For all of my time in school, I thought it was preparing me for work. It must do just that, I reasoned, because it’s been around for so long and because everyone says that is the reason for receiving an education.
I used to think that. I know now that my reasoning was wrong.
Just three months ago I left a large university in a not-so-large town after earning an undergraduate degree in architecture. It only took me two months to find and obtain a job in an architecture firm. This was an obvious blessing from God, not of my own doing. I am one of the least qualified architecture grads to work at a firm: my grades were only average, I didn’t network well while I was in school nor serve in an internship, and I haphazardly and hastily assembled my portfolio (arguably the most important item in architecture job interviews).
These weren’t my biggest problems, however. The biggest issue I faced was that school didn’t teach me anything about my degree’s industry.
Maybe that’s going too far, saying I didn’t learn “anything.” I should say I didn’t learn the most important skills. I learned how to use some computer programs common in architecture firms and some things about reading technical drawings. These have helped, but the owner of the company wants me to sell myself and bring in new clients.
He might as well have said he wants me to repair a UFO. I was completely unprepared for this task. Yet it didn’t take long for him to explain that all service-related businesses rely on the ability to sell themselves in order to attract clients, and clients are the only source of jobs, and jobs the only source of a company’s income. This cause-and-effect relationship, simple as it is, had never before crossed my mind, but it immediately sparked a vital synapse that had been dormant too long. For the first time I knew that I must become a salesman to earn a living.
This is common in most professions, I learn more each day. And it was completely ignored in school. This seems tantamount to teaching a doctor the anatomy of the human body but not how to talk to patients. Sure, he can perform surgeries on a mannequin, but if he can’t calm down or reassure an ill person on whom he is operating then no one will recommend him and he will quickly lose his job.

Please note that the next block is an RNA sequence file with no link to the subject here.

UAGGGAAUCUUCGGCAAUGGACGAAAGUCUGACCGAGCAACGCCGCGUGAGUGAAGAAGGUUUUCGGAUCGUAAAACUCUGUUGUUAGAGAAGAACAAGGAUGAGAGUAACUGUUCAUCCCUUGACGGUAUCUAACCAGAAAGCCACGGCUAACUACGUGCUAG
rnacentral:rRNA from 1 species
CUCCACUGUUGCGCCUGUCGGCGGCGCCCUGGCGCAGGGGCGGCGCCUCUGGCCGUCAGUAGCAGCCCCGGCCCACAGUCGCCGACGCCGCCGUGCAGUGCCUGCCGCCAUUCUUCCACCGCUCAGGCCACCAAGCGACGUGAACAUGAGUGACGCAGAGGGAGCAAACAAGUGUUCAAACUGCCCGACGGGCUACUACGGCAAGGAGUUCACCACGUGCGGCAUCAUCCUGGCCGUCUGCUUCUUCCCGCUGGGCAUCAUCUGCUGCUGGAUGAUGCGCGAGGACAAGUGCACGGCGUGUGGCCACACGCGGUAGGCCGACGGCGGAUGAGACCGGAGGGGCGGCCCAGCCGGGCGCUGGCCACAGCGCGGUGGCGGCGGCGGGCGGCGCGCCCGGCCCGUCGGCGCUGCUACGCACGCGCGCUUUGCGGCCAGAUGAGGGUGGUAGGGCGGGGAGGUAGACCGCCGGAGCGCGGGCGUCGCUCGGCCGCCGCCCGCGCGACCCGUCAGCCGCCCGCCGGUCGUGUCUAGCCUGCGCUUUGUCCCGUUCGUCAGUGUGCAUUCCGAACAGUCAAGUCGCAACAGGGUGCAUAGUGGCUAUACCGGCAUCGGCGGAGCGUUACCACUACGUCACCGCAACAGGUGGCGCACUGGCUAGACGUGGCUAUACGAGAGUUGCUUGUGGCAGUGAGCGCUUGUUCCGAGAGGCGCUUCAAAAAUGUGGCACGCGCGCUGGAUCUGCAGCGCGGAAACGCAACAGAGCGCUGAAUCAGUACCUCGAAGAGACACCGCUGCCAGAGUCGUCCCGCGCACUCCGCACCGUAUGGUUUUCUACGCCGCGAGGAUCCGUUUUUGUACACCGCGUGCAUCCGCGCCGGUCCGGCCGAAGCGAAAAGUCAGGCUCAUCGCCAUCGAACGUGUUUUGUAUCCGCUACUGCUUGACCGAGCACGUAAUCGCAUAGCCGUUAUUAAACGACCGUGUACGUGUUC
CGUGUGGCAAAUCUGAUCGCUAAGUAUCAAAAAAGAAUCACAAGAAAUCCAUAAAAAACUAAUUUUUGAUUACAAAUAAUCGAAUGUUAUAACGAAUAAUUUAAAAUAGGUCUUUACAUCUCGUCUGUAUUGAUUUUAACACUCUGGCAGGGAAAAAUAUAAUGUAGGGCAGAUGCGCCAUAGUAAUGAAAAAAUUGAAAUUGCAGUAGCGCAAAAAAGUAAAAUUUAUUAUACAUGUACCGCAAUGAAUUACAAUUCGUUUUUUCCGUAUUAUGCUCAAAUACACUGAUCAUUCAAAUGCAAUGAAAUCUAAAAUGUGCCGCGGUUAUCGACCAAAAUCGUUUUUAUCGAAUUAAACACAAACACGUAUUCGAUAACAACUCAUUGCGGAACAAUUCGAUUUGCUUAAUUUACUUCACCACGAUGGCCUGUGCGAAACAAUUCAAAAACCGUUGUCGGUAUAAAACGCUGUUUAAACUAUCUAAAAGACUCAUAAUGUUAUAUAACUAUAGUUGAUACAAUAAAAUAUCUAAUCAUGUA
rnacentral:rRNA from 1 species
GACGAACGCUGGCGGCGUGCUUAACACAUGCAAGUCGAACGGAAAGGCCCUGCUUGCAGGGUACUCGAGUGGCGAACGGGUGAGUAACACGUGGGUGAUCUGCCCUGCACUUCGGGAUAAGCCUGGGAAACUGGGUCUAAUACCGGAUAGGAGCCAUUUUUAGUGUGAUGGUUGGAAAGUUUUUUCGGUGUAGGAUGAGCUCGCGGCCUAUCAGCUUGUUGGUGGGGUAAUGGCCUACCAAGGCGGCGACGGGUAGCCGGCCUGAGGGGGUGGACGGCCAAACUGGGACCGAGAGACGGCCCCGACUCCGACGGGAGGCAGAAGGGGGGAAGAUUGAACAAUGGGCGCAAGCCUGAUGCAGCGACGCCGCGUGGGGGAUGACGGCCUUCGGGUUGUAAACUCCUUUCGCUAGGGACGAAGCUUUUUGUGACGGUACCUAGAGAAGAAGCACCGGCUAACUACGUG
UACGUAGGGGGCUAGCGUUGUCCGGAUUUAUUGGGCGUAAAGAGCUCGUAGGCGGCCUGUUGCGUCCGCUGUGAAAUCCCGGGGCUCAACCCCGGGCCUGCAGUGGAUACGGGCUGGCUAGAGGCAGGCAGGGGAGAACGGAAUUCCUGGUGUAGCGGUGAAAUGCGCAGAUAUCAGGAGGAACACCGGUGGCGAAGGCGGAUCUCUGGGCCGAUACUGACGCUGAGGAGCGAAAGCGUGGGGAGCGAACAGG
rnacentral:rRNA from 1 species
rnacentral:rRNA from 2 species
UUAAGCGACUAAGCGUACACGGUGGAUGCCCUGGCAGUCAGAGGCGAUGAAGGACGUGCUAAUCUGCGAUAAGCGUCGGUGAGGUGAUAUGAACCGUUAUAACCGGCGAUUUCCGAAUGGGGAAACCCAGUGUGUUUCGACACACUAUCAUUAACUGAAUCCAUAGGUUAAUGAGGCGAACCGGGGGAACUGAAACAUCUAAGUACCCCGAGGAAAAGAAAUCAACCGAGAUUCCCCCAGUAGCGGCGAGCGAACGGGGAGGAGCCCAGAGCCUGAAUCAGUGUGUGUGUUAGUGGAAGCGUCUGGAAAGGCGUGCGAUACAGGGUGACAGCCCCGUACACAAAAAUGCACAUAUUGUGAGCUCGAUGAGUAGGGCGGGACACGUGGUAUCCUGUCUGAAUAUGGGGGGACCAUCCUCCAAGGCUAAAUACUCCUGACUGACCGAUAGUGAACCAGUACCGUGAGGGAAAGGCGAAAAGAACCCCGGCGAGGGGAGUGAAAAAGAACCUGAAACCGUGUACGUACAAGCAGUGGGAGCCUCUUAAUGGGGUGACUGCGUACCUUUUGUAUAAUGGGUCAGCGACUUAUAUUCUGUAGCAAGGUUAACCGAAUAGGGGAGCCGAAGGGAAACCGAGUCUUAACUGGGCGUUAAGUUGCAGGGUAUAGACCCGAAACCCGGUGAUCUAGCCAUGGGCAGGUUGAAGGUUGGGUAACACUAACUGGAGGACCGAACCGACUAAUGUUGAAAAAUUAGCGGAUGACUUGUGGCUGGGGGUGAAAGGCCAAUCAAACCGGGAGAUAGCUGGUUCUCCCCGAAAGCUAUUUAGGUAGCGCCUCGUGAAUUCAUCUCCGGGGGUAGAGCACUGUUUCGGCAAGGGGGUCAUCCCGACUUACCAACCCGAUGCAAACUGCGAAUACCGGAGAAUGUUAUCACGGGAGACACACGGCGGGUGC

Consider this a wake-up call to all you college students: you must learn to make yourself attractive, to sell yourself, in many of your industries in order to make the most of your job and to gain your employer’s trust.
One book that has helped me a great deal (and I haven’t yet finished it) is Rain Making by Ford Harding. His writing is simple and clear, and what he teaches in it was never taught to me in school and is valuable to many trades.
However, I will send a warning: gaining this ability can easily make a person haughty. Once someone knows how to sell their business, they can feel superior to the people around them who don’t have that skill. Such arrogance will hurt your ability to connect with other people and, for all disciples of Christ, can cripple you on your journey with Him. Many times the authors of the Bible and God Himself warn against pride, seeing it as a detestable trait that is good for nothing. Instead of becoming proud, learn to relate to other people and help them in any way you can. A person who can sell their services can also give their abilities away. This sends a powerful message to the people around us about the God we serve. Trust the Lord to provide for you when you need it, and allow Him to use you as the provision for other people who need what you have.
Learn to sell yourself for the sake of your business and your employment. But love your neighbor as yourself by using your abilities to care for them. And always rejoice in the Lord for allowing you to improve your skills for His glory.